From Shame to Honor


Fifth Haftarah of Comfort, Isaiah 54:1–10

Rabbi Stuart Dauermann

Our Haftarah speaks in strident terms of two realities with which all societies and all people must deal: honor and shame.  

“Sing, barren woman who has never had a child!
Burst into song, shout for joy,
you who have never been in labor!
For the deserted wife will have more children
than the woman who is living with her husband,” says Adonai. . . .
Don’t be afraid, for you won’t be ashamed;
don’t be discouraged, for you won’t be disgraced.
You will forget the shame of your youth,
no longer remember the dishonor of being widowed.
For your husband is your Maker,
Adonai-Tzva’ot is his name.
The Holy One of Isra’el is your Redeemer.
He will be called the God of all the earth.
For Adonai has called you back
like a wife abandoned and grief-stricken;
“A wife married in her youth
cannot be rejected,” says your God.
“Briefly I abandoned you,
but with great compassion I am taking you back.
I was angry for a moment
and hid my face from you;
but with everlasting grace
I will have compassion on you,”
says Adonai your Redeemer. (Isaiah 54:1, 4–8)

The very first verse of this haftarah presents the kingdom and people of Judah metaphorically as a woman who is shamed because she has never been in labor and is therefore without children, also shamed because she has been forsaken by her husband, (actually widowed). Then, in the verses following, this woman’s status is reversed as she has many children and as her Maker, Adonai, becomes her husband. 

In some segments of our culture, this issue of shame for being childless or for being unmarried is still a stigma for women. We would all agree that this is unjust and unkind. I have also long noted that in our culture a man can afford to look sloppy. This will just be written off. But for a woman to appear in public in a sloppy manner is for her to court disapproval, and even conjectures about her emotional well-being. And if a woman is unattractive, she is apt to consider herself permanently one down. This is unjust, and it is cruel. To the extent that such “norms” prevail in our contexts, they need to be forsaken and uprooted.  

Although I have neither attached to myself the label “feminist” nor opposed being such, I think all men and indeed all people should join in making sure that women are treated with the dignity and honor God intends for them. This is a kind of feminism none should reject and all should embrace.  

Matters of honor and shame are currently being trampled underfoot in American culture. In the public arena, few if any bother to think about how they are enhancing or destroying the reputations and well-being of the people they despise, oppose, and denounce. I know people who engage in this practice every day on their Facebook pages, denouncing entire classes of people.   

We have seen in our Haftarah that matters of honor and shame are important to God. In the Besorah of Luke we find Yeshua talking about this issue too (see Luke 14:7–11).  In the Sermon on the Mount, Yeshua sternly warns us, “I tell you that anyone who nurses anger against his brother will be subject to judgment; that whoever calls his brother, ‘You good-for-nothing!’ will be brought before the Sanhedrin; that whoever says, ‘Fool!’ incurs the penalty of burning in the fire of Gei-Hinnom!” (Matthew 5:22).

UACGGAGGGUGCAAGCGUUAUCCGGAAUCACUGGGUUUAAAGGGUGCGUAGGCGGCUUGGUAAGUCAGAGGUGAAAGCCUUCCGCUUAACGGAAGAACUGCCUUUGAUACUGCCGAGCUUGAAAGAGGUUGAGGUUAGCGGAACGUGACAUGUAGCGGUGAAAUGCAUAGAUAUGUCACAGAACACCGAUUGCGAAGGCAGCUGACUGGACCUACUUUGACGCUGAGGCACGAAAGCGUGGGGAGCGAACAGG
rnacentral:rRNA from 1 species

In view of all this then, consider the following:

 1.      What ought to be done transform the way people in our circles speak to and about others?

2.      If we don’t bother to address this, do we imagine this will be pleasing to ADONAI?

3.      How do you think society will be impacted if we do not reverse this trend of widespread disrespectful speech?

4.      If you were going to write a speech ethic for American political discourse, what would it say? Begin this way: “It is our decision that henceforth, when speaking of those of whom we disapprove, or with whom we disagree, we will not ________________________________________________ but instead will endeavor to __________________________________. In this manner we seek to reduce ____________________and increase _______________ in our nation.”

It is easy for us to speak in generalized terms about dignity for all people. But people are not generalities: they are very specific. Therefore, it behooves us to think clearly about the various groups of people we encounter: not society in general, but subgroups of people as they are distinguished from each other by economics, location, gender, race, politics, ethnicity, religion, and other particularities of their station in life. It may just be—and I would insist it is—that the God of Israel holds us accountable to treat all these kinds of people with the honor and dignity for which they were created. And who would doubt that care in such matters is a vanishing commodity in our day?  

We would do well to ponder the wisdom and challenge given us by Kefa in his first letter, “Be respectful to all—keep loving the brotherhood, fearing God, and honoring the emperor”  (1 Peter 2:17).  Few would doubt that our society is not doing well in these areas.  No excuse is good enough to justify leaving things as they are. We have to do better.

Russ Resnik